How to Whitewash Knotty Pine

Updated March 23, 2017

Knotty-pine panelling is thick tongue-and-groove panelling made from real wood planks, rather than photo-laminate, which is why many people do not like to replace it. But you can save it while also transforming it. Whitewashing, also known as liming or pickling, can transform dated knotty-pine panelling for far less than installing new tongue-and-groove panelling. Newly whitewashed knotty pine generates light and lends a fresh, contemporary mood to panelled rooms.

Sand the panelling to remove old sealer and grimy build-up. Start with coarse sandpaper and work down to a medium grit.

Work open the woodgrain with a brass-bristled brush. Pine does not have a pronounced grain but brushing it can help to open up what grain there is, especially around the knots in knotty pine.

Sand the panelling with 220 grit garnet sandpaper until it is smooth.

Wipe the panelling with tack cloth until it is clean and smooth. Tack cloth, which is resin coated, works better than vacuuming.

Work in manageable sections of a few panels at a time, and use a wad of cheesecloth to rub liming wax into the wood's grain, using overlapping circular motions. The wax collects in the crevices between the panels and in the grain.

Rub the panelling with ultra-fine steel wool to remove excess wax immediately after applying it. Repeat process of applying and removing to the next few panels.

Use a lint-free cloth and mineral spirits to buff away any residual haze. Apply the mineral spirits to the cloth, and then rub it into the panelling after letting the initial coat of wax dry for five minutes.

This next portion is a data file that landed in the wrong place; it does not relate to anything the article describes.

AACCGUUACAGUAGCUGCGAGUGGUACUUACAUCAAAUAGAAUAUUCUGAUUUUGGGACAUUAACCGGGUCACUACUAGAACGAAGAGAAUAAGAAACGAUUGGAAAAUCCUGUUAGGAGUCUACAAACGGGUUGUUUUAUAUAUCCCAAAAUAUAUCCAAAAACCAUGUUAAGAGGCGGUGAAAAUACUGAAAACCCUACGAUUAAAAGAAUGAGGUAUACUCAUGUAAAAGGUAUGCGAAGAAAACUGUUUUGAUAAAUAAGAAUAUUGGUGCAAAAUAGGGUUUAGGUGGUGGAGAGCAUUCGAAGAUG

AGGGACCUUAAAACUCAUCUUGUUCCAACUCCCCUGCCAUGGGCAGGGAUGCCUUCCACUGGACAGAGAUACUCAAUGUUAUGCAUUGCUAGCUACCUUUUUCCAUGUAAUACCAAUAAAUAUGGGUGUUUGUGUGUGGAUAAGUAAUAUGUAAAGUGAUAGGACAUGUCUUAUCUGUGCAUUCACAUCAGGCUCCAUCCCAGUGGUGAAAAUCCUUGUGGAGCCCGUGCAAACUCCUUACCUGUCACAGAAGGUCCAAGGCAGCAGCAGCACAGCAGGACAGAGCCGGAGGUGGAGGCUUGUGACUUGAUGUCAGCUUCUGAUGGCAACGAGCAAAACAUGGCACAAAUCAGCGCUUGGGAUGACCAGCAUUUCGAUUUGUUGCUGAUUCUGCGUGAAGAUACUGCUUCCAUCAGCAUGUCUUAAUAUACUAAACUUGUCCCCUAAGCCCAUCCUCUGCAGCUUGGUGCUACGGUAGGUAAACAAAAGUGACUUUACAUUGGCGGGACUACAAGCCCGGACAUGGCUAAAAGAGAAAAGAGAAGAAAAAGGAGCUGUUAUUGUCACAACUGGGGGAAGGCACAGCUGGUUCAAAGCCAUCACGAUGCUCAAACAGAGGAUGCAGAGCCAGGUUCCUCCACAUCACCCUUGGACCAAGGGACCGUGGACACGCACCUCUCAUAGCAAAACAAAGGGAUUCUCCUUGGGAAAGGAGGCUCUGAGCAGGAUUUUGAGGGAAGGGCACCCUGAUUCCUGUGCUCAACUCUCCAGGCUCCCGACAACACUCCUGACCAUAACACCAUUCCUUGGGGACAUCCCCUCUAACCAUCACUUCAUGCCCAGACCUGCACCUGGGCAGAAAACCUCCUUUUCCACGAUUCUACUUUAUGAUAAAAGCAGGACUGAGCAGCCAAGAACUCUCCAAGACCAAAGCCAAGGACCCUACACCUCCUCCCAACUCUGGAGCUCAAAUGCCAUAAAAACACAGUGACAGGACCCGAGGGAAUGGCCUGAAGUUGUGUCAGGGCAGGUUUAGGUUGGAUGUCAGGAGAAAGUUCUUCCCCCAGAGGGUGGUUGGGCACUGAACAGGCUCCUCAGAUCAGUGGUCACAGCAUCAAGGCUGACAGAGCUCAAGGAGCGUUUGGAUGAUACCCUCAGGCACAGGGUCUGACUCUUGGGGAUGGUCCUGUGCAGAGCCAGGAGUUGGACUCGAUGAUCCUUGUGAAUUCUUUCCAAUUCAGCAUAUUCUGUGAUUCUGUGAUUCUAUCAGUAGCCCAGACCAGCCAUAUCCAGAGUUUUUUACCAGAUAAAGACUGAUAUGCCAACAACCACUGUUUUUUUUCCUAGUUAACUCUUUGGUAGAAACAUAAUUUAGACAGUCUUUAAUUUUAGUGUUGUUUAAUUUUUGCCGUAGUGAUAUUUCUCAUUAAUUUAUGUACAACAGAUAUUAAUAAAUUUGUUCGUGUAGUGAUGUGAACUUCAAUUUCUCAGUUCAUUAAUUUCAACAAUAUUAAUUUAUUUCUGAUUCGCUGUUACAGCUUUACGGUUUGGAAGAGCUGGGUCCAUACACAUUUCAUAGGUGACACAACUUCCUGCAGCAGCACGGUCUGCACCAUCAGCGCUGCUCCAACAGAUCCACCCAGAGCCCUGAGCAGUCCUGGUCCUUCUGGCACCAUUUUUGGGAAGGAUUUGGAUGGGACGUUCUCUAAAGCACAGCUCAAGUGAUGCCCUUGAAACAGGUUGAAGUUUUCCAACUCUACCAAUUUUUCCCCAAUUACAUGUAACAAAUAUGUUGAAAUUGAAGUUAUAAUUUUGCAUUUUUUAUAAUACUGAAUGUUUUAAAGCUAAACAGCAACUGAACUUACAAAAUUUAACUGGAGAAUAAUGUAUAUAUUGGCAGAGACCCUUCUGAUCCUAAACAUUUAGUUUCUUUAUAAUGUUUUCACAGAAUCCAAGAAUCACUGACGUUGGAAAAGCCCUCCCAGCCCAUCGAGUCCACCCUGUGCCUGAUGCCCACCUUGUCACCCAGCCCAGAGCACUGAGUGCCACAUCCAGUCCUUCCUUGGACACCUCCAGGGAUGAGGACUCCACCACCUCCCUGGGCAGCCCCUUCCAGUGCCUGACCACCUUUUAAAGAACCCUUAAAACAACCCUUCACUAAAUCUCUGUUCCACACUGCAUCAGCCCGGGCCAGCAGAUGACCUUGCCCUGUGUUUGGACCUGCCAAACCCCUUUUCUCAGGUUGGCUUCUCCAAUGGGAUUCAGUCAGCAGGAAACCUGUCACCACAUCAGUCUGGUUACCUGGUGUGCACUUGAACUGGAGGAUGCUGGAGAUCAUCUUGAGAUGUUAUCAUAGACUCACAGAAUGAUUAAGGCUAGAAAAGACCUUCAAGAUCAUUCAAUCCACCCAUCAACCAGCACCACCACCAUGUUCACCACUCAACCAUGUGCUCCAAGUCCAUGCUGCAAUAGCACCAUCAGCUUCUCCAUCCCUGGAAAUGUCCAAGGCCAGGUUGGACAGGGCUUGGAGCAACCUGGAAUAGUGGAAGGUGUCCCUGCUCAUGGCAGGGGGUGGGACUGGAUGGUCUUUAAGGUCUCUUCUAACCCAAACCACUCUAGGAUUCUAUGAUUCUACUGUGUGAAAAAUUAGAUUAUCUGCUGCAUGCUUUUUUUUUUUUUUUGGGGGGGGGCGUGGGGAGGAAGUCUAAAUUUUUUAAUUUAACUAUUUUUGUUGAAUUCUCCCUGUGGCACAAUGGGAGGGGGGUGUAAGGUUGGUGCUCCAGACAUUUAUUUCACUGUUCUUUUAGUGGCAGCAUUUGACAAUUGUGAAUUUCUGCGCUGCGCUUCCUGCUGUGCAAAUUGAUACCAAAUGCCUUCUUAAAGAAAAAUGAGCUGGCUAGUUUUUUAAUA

Apply clear paste wax, according to the directions on the can, after you have finished whitewashing and buffing all the panelling. Allow to dry for four hours.

Wipe finishing oil onto the panelling after wax has dried to give the panelling a protective coat. More coats will result in a shinier surface.


A harsher grade of steel wool may discolour the wax.

Things You'll Need

  • Coarse- and medium-grit sandpaper
  • Soft wire brush
  • 220 grit paper
  • Tack cloth
  • Cheesecloth
  • Liming wax
  • Ultrafine steel wool
  • Lint-free cotton rag
  • Mineral spirits
  • Clear paste wax
  • Finishing oil
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About the Author

Cat Reynolds has written professionally since 1990. She has worked in academe (teaching and administration), real estate and has owned a private tutoring business. She is also a poet and recipient of the Discover/The Nation Award. Her work can be found in literary publications and on various blogs. Reynolds holds a Master of Arts in writing and literature from Purdue University.